FIG. 9 is a graph plotting the average fracture toughness of reinforced low viscosity acrylic bone cement according to the invention for 22 micron diameter titanium fibers and non-reinforced control;
FIGS. 10 and 11 are each microphotographs (magnification 75X) of cross-sections of the cured reinforced bone cement sample obtained according to Example 1, illuminated from both above and below the sample or from only below the sample, respectively; and
FIG. 12 is a microphotograph (magnification 75X) of a cross-section of the cured reinforced bone cement sample obtained according to Example 2, illuminated from above the sample, and showing the fiber cross sections as white dots.
In this invention, the terms "(meth)acrylate" and "poly(meth)acrylate" include the monomers and polymers, respectively, of methacrylic acid esters and acrylic acid esters, and the polymers also include the co-polymers of the compounds named.
The preferred bone cement material to which the fiber reinforcement is added includes a solid finely divided powdery or granular polymer component and a liquid reactive or polymerizable monomer component which is also a solvent or swelling agent for the polymer component. The polymer and monomer components can be based on the acrylic, e.g. (meth)acrylate system, however, other polymeric systems can also be used. For convenience, the cement system may at times be broadly referred to as an acrylic polymer, or as based on PMMA (polymethylmethacrylate), the preferred polymer component.
More generally, the polymer component of the composition can be any methyl(meth)acrylate polymer such as methyl(meth)acrylate homopolymers and copolymers of methyl(meth)acrylate with alpha,beta-ethylenically unsaturated compounds such as vinyl acetate, alkyl (e.g. C2 -C6) (meth)acrylates and multi-functional acrylic monomers such as alkylene dimethacrylate and alkylene diacrylates and triacrylates. These polymers generally have a molecular weight between 500,000 and 2,000,000. Methylmethacrylate homopolymers and copolymers are preferred.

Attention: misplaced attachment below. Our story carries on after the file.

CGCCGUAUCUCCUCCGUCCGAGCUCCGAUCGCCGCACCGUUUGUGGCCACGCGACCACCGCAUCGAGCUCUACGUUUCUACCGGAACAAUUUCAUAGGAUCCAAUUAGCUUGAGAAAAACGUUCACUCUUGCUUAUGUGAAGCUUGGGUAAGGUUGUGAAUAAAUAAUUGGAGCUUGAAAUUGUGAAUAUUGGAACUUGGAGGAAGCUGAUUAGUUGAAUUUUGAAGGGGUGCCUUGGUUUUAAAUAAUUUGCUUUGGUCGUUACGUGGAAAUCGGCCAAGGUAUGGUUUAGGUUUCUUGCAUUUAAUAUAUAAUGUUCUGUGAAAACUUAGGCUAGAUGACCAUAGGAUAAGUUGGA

The reactive monomer component is preferably methyl acrylate or methyl methacrylate although the C2 -C4 alkyl(meth)acrylates, such as ethyl(meth)acrylate, propyl(meth)acrylate or (n-, or iso-)butyl (meth)acrylate, can also be used.
These bone cement materials, which are themselves wellknown and commercially available, are usually provided with 2 parts by weight of the finely divided polymer and 1 part by weight of liquid monomer, although higher or lower ratios can also be used, and are characterized as being self-polymerizable substances which are mixed, together with a polymerization catalyst, such as dibenzoyl peroxide, and polymerization accelerator, such as dimethyl-p-toluidine, immediately prior to the operation to form a viscous liquid or pasty mass. The pasty mass is introduced into the appropriate body cavity and/or to the surgical implant device, and will harden in situ, at room temperature (via an exothermic reaction) within a few minutes.